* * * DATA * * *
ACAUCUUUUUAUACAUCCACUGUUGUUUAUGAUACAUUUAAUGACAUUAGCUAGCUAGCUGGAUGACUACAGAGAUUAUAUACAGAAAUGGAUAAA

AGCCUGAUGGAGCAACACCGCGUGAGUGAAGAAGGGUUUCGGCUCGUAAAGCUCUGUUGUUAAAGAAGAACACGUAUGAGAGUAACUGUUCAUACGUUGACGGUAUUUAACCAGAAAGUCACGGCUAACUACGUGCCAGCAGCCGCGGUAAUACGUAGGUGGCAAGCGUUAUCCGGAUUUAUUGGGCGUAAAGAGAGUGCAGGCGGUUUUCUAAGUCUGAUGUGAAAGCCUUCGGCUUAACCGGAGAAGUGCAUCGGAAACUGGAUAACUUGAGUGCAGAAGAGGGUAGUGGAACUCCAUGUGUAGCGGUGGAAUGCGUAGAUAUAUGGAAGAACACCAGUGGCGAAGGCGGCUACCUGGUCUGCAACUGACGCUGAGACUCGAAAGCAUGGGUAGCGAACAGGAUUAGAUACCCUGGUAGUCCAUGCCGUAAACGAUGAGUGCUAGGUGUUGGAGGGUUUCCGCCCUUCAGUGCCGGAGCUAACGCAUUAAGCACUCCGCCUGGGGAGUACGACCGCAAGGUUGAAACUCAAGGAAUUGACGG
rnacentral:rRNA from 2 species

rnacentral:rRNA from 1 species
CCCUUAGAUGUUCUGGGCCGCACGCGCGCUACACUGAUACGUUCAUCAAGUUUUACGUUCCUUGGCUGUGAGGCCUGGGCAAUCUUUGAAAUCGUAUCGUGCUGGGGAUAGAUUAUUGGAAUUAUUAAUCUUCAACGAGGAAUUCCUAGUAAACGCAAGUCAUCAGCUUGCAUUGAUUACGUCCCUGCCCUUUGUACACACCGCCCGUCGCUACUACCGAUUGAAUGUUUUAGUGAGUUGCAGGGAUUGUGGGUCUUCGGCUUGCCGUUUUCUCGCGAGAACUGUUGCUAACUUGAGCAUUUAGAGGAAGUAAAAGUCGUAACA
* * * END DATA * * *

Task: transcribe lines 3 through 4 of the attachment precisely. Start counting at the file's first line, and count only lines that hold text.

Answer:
rnacentral:rRNA from 2 species

rnacentral:rRNA from 1 species